Most Recent Articles In Fashion Features
Latest Fashion Features Articles
- LVMH, Parsons and Chinese-American Planning Council Extend Partnership
- Milan Fall 2015 Collections
- Buyers Applaud London's Rich Tapestry of Talent
More Articles By
The apparel industry can expect another busy year of mergers and acquisitions.
Following a record buying spree in 2006, industry experts expect even more activity this year, not only from the usual suspects — the giant vendors and private equity firms — but also from midsize, mid-market firms looking for a way to compete in a consolidated world.
Last year was the apparel world's busiest M&A year in more than a decade. The total disclosed value of deals in the industry in the U.S. and abroad more than doubled from 2005. There were 67 deals in 2006, up from 46 the year before, and their value skyrocketed 218 percent, to $4.26 billion from $1.34 billion, according to Factset Mergerstat, a leading provider of U.S. and international M&A information to the investment banking and corporate markets.
Among the acquisitions:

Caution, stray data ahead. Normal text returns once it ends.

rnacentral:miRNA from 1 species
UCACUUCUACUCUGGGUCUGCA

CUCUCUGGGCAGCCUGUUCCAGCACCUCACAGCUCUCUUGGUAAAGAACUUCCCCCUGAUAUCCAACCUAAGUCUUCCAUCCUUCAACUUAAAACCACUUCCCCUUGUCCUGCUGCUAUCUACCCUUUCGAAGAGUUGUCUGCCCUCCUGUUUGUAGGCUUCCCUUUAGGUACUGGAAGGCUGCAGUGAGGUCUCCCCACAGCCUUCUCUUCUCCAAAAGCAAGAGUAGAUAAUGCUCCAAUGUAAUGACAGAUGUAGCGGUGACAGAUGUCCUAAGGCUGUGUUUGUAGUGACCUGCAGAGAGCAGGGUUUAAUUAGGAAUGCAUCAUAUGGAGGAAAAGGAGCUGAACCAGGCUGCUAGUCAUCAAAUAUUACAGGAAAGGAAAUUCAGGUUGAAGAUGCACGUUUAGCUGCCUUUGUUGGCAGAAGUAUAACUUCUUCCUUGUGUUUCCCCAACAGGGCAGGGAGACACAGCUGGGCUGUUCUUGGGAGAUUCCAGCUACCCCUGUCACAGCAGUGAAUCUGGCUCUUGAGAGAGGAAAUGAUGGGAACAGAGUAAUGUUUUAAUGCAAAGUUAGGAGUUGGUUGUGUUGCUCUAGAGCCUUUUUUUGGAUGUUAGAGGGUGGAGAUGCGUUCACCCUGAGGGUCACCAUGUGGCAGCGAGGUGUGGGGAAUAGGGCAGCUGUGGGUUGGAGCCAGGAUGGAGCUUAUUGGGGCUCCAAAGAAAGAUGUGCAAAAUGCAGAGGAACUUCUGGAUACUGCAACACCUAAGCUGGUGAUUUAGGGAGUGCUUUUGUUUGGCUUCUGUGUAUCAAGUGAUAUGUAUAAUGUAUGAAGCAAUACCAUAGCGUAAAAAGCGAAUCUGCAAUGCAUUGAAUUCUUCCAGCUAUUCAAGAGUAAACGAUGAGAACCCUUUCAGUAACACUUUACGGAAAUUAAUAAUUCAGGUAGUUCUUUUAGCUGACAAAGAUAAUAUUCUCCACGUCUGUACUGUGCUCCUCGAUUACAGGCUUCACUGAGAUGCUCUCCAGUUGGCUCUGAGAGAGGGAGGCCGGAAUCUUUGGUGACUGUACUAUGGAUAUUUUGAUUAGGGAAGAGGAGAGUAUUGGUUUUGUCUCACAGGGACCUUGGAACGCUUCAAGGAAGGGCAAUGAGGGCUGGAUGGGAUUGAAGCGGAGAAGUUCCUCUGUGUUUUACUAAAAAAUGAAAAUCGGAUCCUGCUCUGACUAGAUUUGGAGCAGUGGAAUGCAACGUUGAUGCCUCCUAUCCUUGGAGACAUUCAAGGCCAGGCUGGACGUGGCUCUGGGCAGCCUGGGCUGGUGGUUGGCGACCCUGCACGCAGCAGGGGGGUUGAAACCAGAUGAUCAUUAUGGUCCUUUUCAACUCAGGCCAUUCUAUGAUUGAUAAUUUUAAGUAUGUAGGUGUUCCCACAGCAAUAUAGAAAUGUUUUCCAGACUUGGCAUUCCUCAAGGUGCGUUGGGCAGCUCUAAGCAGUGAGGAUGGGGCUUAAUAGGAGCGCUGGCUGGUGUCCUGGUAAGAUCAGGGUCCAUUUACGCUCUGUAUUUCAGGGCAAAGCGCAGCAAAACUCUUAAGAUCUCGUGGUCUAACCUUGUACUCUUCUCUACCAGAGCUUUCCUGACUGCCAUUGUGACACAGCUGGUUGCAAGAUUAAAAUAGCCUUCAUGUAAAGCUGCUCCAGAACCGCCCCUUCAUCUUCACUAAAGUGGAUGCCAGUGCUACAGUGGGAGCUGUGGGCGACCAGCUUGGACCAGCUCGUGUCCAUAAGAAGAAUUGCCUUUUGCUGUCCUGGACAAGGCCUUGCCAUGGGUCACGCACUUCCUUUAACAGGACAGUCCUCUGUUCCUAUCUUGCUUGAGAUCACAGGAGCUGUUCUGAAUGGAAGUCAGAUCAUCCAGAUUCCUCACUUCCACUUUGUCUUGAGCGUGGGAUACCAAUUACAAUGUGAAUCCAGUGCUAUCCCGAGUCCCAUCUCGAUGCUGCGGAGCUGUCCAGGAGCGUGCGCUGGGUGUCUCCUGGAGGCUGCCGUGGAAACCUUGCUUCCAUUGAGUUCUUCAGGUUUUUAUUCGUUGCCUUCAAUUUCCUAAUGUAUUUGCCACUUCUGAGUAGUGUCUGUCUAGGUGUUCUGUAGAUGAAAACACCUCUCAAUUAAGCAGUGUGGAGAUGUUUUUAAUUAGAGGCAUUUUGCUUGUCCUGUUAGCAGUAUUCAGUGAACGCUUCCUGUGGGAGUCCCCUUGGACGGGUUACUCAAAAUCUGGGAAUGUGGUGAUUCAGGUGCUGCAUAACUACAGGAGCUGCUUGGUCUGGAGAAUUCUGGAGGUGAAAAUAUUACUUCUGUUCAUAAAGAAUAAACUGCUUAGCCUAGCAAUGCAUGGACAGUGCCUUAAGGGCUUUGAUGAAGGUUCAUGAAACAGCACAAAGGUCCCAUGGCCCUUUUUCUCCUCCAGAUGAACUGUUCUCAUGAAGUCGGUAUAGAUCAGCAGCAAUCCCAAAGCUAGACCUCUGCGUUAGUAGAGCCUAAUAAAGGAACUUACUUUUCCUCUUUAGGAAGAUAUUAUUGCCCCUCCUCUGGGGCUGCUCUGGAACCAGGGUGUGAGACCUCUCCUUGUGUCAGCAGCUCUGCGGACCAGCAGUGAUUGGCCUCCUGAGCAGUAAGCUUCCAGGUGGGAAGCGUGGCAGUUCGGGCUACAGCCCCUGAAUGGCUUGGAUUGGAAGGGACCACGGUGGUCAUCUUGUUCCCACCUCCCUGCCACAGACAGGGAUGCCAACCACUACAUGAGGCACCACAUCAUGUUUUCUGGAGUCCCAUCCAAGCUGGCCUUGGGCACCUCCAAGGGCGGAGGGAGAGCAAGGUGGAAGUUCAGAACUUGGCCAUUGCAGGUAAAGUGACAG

- Liz Claiborne Inc. bought Kate Spade for $124 million from Neiman Marcus.
- Kellwood Co. made smaller niche buys with Vince and Hollywould.
- Jones Apparel Group didn't make any deals; it did attempt to sell itself, but dropped the idea when it failed to generate high enough bids.
- In September Sara Lee spun off Hanesbrands Inc. as a separate publicly traded entity, creating one of the largest apparel companies in the world with sales of $4.5 billion.
So far this year, VF Corp. sold its $350 million intimate apparel division to Fruit of the Loom and is completing its late 2006 deal to buy Eagle Creek, an adventure travel brand.
"Acquisition of growing global lifestyle brands continues to be an important part of VF's growth plan," a VF spokeswoman said in a statement. "While we will continue to be disciplined in our approach, both strategically and financially, we will continue to add lifestyle brands to our portfolio through acquisitions. We have said that we generally are not constrained in terms of acquisition size — we will consider smaller acquisitions and larger acquisitions, although there are fewer of the latter that would meet our strategic and financial criteria. We will look at lifestyle brands that fit VF's Outdoor and Sportswear coalitions, in particular, although we will consider acquisitions for our other coalitions, as well."